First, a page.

Gear Review: Glock Sport Combat Holster

I am always on the look out for stuff that performs well at a great price point. I don’t necessarily believe that one always get what one pays for when buying expensive things.  After a certain price point there is usually a slight performance increase associated with a massive increase in price. I like to buy my gear right at the edge of that curve where performance is quite good, but the price has not yet taken off logarithmically . . .

A great example of this is the Glock pistol (or the M&P, XD or any of the other similarly priced plastic pistols). They’re not terribly expensive when you consider their accuracy, reliability, longevity and the central role that a gun can your play in extending your life expectancy. Proceed to RF’s Wilson Combat pistol to see a product that performs (arguably) marginally bettter for a big jump in price.

By the same token, I am reluctant to spend $70-200 for a leather handmade holster for my Glock 26 when there is a product that performs well for under that price: the Glock-branded Sport Combat Holster (SCH).

The Glock SCH received stellar reviews from users on various shopping websites—always a good sign. The price ranges wildly, but it’s hard to spend more than $25 on the SCH even with shipping figured in. The main difficulty acquiring them: they’re constantly on backorder.

Glock’s website description of the holster reads like a German to English airplane magazine: “The GLOCK sport/combat holster for concealed carry allows rapid drawing of the pistol and is comfortable to wear because of its flat shape. Can be adapted to various belt widths.” Suffice it to say there are two versions: Small (HO17043), and Large(HO02639). Small fits thin Glocks in .40, 9mm, and .357 Sig flavor. While the Large is designed to fit 10mm and .45 Glocks it actually fits them all. More on that later . . .

Each holster is made to accommodate any gun in the width family from sub compact to full size. Here is the small holster with G26 and G17:

The main difference between the large and small holsters: width.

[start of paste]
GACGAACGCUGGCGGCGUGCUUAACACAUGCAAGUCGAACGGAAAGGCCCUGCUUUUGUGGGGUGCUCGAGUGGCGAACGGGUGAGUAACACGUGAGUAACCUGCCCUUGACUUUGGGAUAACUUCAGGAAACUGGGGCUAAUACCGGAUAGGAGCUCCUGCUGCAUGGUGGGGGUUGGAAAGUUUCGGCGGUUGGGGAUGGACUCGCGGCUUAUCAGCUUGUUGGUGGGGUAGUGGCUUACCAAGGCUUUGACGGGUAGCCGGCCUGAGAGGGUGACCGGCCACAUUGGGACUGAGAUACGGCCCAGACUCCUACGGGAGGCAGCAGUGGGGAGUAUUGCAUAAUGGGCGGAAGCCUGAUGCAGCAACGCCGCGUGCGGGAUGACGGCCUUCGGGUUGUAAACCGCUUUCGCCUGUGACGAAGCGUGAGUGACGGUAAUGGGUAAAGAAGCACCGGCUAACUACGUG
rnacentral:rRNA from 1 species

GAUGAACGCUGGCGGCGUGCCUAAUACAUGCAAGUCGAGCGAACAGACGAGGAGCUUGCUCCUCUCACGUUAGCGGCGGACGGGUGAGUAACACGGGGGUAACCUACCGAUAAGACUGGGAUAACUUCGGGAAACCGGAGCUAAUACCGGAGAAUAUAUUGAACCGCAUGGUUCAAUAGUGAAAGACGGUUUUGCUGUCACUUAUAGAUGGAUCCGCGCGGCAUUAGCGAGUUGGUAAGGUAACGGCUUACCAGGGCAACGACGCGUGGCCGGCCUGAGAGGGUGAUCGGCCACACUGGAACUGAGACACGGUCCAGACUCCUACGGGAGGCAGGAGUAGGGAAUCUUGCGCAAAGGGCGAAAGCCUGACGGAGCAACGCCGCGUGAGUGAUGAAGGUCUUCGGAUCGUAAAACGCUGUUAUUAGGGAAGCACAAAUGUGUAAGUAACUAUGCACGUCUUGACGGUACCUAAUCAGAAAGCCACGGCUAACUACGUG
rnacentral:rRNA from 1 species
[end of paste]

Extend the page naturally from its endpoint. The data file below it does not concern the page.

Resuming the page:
The narrower width fits the narrow pistols snugly and the wider pistols not at all. Large on the left below.

The wider holster will fit the narrow pistols with just a slight amount of side-to-side slop. Actually it works just fine for the narrow pistols. If you just wanted one holster for the whole Glock line (perhaps excepting the G36 which I did not test), get the large holster. G17 in the small (left) and large (right) holster:

 

 

 

 

 

 

 

The difference between the two aside from width is subtle. The large holster will rub one’s middle finger a bit when drawing a narrow pistol. This is a non-issue unless you intend to practice (and you should) drawing from the holster. Plan on a blister/callous on your middle finger proximal interphalangeal joint. Or just cut/grind/sand the plastic down to size as needed:

Extra special bonus points! The large holster will fit an Umarex G-17 clone airsoft pistol which is nice if you like to practice with Airsoft (as you should). [Note: The narrow Glock holster will not fit the airsoft pistol.]

The holsters are made of some sort of flexible plastic and come with tabs that one cuts out to size them for belts from 1 inch to 2.5 inches in width. The slide on the belt in one of two ways, depending on where you carry the gun and where your belt loops sit. The belt can go inside the holster if the loop sits under the holster:

Or the belt can go outside if you either skip the loop under the holster, or the holster fits between loops:

Outside positioning of the belt tucks the gun closer to your body by the width of the belt and stabilizes it slightly more.

One nit: I found it impossible to swap mags while in the holster; the plastics covers the mag release. If this bothers you it would be simple to cut a small slot out of the holster to allow access to the mag release.

The Glock Sport Combat Holster retained the gun adequately even using the larger holster for a G26. The holster is flat, comfortable and conceals well OWB. It draws nicely. I personally can’t see what a super custom, nice, expensive, leather OWB rig would get me beyond this, but I’ve never tried one. Ignorance is bliss?